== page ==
I love the 90 Latour, not as concentrated as the 90 Margaux, but very classic with a hint of the 90 ripeness. IMO, Togni still taste Cali, though classic.
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Re: Philip Togni vertical with new notes

#33 Post by Laurent Gibet »

I has an excellent impression with Philip Togni 1994 in a great Cali tasting (Mondavi, Phelps, Shafer, Opus One, Dominus, ...)

That was twenty years ago ... and i'd like to taste it today.
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Re: Philip Togni vertical with new notes

#34 Post by Nathan V. »

William Kelley wrote: March 18th, 2020, 7:53 am
dteng wrote: March 18th, 2020, 7:46 am Has the style of Togni changed this past decade or still like in the 90’s?
He is one of my favorite producers in Cali.
I reckon they're a touch suppler when young but beyond that very little has changed.
IIRC, the Estate vineyard got pierces in the mid-90s and they had to replant. I can't remember the exact details.
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Re: Philip Togni vertical

#35 Post by RandyJC »

Pat Martin wrote: March 16th, 2020, 5:18 pm How’s the 2010 of this? I won a 6 pack last year but I’ve assumed they need time, so I haven’t tried one yet.
This is several months past but I have had the 2010 twice in the last year or so and it's outstanding. I wrote a note on CT in April and I've excerpted it below.

This wine makes me want to sell my car and buy this wine with the cash. It is that good.

I opened and decanted it almost five hours before drinking. On opening and at cellar temperature the nose was barely there - tiny whiff of eucalyptus, some blackberry and that was pretty much it. At 4 hours I poured it back in to bottle and the aromatics were still muted - a soy and spice powder component that was not altogether pleasant and concerned me. At five hours and then over the next hour as the wine warmed into the mid and upper 60s the nose was phenomenal - very much a Margaux nose of leather and earth with both sweetish, tart cherry and blackberry. The nose was captivating. Now at six hours it's been making me leave wine in my glass. Just smelling - it’s not Napa. It's Left Bank.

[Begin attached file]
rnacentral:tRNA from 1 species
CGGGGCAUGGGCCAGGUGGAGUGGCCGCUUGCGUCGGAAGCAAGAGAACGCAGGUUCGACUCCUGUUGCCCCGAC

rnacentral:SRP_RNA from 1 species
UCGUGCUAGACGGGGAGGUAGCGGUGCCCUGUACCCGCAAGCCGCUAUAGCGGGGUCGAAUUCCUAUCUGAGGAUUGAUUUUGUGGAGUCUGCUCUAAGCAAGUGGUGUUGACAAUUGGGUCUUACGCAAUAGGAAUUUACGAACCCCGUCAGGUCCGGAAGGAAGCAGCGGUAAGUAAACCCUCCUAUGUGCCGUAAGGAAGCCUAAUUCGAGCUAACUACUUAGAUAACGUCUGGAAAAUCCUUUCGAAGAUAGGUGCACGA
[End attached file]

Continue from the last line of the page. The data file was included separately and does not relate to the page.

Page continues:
Light-medium body and a sensuous mouth feel. Lush without being thick. Flavors are a chocolaty blackberry and a bit of tart sweet cherry but the cherry is background. Everything is in balance, nothing discordant about the wine start to finish. In the mouth and on the finish there is also tobacco, leather and earth woven in with the fruit flavors. Some purple fruit - seems like ripe ripe red plum.

Acidity is laser-focused start to finish but not prominent - just holds everything together. The acid yields only on the finish with a burst of flavors, a reprise of everything in the wine, exploding, tannin kicks in, yields to acid, mouth floods with flavor. The finish goes on nearly a minute.

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Re: Philip Togni vertical with new notes

#36 Post by J D o v e »

Togni is in my Top 10 list of favorite producers. Love the stuff. Thanks for the notes.
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Re: Philip Togni vertical with new notes

#37 Post by John S »

Nathan V. wrote: March 20th, 2020, 6:48 am
William Kelley wrote: March 18th, 2020, 7:53 am
dteng wrote: March 18th, 2020, 7:46 am Has the style of Togni changed this past decade or still like in the 90’s?
He is one of my favorite producers in Cali.
I reckon they're a touch suppler when young but beyond that very little has changed.
IIRC, the Estate vineyard got pierces in the mid-90s and they had to replant. I can't remember the exact details.
What Nathan mentions is what I recall as well as I was on the mailing list back then and visited them back around 1996/7/8. Pretty sure the '97 was the first vintage with the replaced vines. There may have been only little of 1995 or 1996 made. Early on the 1997 was a much lighter styled wine than the vintages prior to the replantings. I figured it was due to the young vines.